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Facebook Live – we used this for the first time in Birmingham last month when we took over a local media outlet’s Facebook page to host a scavenger hunt in the city centre — all hints led to a mega free Pho to Go picnic and hundreds showed up. And more than 20,000 people viewed our videos. Uber local approach. Important not to forget about each and every city where we have a restaurant!


Q: What has been your most successful campaign to date?

A: That would have to be the one we won a Catey for this year!


Q: How do you successfully roll out a marketing strategy for a countrywide brand without losing the personal/local touch?

A: I guess I’d have to say the trick is to get staff involved. I am obsessed with the engagement on social media – I always read all of the comments and track the numbers. I pay attention to the people and what they’re saying in every market and always remember that no two markets are the same. We have to maintain some brand rules of course, but customers in Leicester compared to central London are very different.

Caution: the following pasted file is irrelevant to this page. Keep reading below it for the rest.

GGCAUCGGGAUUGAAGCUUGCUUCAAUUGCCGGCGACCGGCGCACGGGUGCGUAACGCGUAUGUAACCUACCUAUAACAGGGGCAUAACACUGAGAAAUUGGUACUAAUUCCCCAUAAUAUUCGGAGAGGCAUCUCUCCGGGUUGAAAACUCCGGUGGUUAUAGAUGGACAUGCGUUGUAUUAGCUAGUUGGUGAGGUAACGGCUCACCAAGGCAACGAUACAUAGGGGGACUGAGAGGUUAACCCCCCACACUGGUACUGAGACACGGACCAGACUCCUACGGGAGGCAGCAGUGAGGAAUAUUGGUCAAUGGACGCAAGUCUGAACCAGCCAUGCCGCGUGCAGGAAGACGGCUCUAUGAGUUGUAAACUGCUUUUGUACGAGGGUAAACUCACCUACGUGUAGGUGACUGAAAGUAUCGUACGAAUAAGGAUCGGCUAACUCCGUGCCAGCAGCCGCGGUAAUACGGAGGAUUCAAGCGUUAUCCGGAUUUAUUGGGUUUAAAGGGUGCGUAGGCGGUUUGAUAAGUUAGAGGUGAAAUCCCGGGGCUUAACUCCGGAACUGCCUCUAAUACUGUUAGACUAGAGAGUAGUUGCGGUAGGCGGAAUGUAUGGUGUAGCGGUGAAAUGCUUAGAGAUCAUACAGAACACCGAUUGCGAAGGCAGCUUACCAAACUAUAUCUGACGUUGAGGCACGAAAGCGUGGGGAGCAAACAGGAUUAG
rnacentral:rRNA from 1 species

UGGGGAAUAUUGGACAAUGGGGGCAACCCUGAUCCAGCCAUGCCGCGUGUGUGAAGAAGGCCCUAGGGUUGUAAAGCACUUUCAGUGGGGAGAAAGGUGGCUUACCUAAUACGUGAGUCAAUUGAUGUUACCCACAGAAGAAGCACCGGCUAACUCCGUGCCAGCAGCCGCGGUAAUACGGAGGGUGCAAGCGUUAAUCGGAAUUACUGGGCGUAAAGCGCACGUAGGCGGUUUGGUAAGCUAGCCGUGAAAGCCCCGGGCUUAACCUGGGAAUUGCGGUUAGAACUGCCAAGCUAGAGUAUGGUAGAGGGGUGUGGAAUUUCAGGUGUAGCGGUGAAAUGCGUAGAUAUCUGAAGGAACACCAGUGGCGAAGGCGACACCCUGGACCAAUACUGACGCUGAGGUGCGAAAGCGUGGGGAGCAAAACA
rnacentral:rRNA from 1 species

Q: What would you say are your 3 golden rules for successful marketing in today’s noisy world?

  1. Pay attention to your customers, especially to what they’re telling you/asking you online.  
  1. Don’t be afraid to take risks. It sounds a cliché but doing something new can be a gamble. Just last month we did something we’d never done for the first time (a scavenger hunt for a free picnic in Birmingham, using Facebook live).
  1. Become the customer — watch what your competitors are doing to market their brand. Pay attention to other brands you love, across different industries – you might be surprised how many ideas can be applied to your brand/industry.

Join Mark and Libby for their session “Are your customers getting the message? – hosted by OpenTable” on Wednesday 4th October 12:45pm - 13:30pm. The Stage.



André Mannini is the Operations Director of M Restaurants where they use carefully gathered digital data to make each guest’s experience second-to-none and unique to them. We asked him to tell us a bit more about their approach: